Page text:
The 5 Key Data Points Absolute Beginners Need To Learn First In VGC

When beginning in VGC the amount of knowledge that you will have to learn to become a great player can be extremely intimidating. With data points such as EVs, IVs, meta predictions, speed tiers, damage reduction etc it can be hard to focus on which of these is most important to learn to get started on your VGC journey.

So today I will be going over the top 5 data points I believe are the most important, and most beneficial for absolute beginners to focus on first thing.

Type Chart

The type chart is extremely important for obvious reasons, all Pokémon types are weak to some, resist others, and some types are even immune to other typing’s. Knowing how these types interact is a fundamental part of competitive Pokémon and should be the first thing you work on learning about. 

If you have Heatran on the field vs your opponents Duraludon you may be tempted to use a fire type move such as heatwave due to Duraludon’s steel typing. However Duraludon is also a dragon type which resists fire thus negating its weakness to fire and making your heatwave deal neutral damage. Instead you would want to use earth power with Heatran to exploit the fact that Duraludon’s steel typing is weak to ground and not resisted by its dragon typing making this a much better option even though it may not seem like it at first glance. This is just to give an example as to why knowing how the 18 different typing’s interact with each other is so important to your success in the long run.

Speed Tiers

Knowing the speed stat that your opponent’s Pokémon can reach compared to your own is a highly important piece of data to know. If you go into a match and you are unsure if your Kyogre can out speed your opponents Landorus then you may make nonoptimal plays due to that lack of knowledge.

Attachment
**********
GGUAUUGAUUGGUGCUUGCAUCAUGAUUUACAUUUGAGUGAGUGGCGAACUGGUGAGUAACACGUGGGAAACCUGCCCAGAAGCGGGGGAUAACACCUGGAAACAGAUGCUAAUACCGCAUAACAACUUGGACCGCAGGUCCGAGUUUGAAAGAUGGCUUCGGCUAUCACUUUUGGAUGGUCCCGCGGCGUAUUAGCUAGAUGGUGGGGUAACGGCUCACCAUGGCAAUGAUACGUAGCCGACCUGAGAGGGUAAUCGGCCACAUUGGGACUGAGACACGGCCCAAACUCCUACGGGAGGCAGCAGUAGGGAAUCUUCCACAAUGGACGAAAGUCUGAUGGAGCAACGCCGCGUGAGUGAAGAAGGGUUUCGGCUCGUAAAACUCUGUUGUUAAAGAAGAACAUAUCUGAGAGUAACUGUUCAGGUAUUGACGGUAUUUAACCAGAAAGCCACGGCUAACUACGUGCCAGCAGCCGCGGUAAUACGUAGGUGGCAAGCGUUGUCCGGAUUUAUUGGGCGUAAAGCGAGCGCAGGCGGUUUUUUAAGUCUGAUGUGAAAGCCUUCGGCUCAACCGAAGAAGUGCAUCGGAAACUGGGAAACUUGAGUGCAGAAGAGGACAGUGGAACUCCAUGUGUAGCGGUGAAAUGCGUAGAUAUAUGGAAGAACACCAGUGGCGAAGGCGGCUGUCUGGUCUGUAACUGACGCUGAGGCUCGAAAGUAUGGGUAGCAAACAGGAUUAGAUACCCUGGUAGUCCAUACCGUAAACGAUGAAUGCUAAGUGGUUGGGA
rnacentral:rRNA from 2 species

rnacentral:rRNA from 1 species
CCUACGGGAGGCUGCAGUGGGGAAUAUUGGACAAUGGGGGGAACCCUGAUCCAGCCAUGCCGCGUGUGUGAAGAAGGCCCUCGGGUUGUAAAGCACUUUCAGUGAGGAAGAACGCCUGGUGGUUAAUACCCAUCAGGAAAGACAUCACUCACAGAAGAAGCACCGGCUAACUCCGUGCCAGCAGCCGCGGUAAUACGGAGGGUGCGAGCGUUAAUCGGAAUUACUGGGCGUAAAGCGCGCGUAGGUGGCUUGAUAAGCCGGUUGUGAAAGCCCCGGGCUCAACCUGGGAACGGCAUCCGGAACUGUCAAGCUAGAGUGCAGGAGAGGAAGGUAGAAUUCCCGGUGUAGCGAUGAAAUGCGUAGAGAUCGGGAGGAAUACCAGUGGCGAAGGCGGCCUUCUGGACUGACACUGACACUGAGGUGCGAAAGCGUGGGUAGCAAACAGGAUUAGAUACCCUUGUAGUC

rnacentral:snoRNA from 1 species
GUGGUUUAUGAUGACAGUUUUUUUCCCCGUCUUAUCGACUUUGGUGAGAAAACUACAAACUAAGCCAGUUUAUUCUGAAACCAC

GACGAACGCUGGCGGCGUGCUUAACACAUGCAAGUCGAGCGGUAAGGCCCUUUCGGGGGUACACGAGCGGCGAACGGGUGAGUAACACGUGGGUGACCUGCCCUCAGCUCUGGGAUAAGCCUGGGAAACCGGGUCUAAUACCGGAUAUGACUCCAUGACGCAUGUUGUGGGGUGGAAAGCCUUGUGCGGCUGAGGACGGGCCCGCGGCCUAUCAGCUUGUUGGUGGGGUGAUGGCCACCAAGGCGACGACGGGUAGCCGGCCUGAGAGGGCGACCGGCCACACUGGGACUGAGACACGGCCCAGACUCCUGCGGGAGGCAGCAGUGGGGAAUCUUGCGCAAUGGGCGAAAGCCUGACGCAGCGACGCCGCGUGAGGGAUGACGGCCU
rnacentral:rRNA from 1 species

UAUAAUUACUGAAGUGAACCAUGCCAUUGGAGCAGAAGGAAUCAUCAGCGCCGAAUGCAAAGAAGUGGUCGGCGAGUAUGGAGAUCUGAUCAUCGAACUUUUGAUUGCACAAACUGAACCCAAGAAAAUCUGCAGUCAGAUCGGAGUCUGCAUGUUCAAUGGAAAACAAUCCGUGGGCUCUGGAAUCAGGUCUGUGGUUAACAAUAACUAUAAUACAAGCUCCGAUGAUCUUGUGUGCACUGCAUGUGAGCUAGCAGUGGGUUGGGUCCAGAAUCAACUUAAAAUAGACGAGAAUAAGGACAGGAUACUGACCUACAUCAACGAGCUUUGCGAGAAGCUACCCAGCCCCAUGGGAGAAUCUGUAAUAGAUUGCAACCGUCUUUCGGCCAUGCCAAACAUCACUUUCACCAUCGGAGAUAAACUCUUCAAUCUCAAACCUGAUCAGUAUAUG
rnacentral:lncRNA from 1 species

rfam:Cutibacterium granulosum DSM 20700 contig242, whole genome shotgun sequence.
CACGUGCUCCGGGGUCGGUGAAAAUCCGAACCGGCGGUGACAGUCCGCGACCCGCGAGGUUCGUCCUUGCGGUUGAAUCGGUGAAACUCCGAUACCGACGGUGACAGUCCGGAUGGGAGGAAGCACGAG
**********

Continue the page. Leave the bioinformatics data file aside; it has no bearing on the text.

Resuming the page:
Learning speed tiers is something that may seem highly intimidating as there are so many Pokémon, and knowing their min speed, max speed, and max speed with neutral nature is a lot of data to learn. I agree that at first this is a tricky thing to learn, however, over time of working on EV spreads, and playing on pokemonshowdown and comparing stats it will become easier. Also as you begin to build a base of Pokémon speed knowledge you can use that to more easily learn future speed tiers. For example if you learn that base 90 speed Pokémon hit a minimum of 85 speed with a hindering nature and 0 speed IV, hit 142 speed with max speed neutral nature, and hit 156 speed with max speed beneficial nature, than you can just start learning which Pokémon are base 90 speed and linking that previously learned data to these new Pokémon. And continue for other base speeds. 

You can also use this data to learn the speed stat of Pokémon with similar speed stats such as Landorus-T who has a speed stat of 91, using the previously learned speeds of the base 90 Pokémon you can now add 1 point to each speed tier and remember what speed stats base 91 Pokémon hit.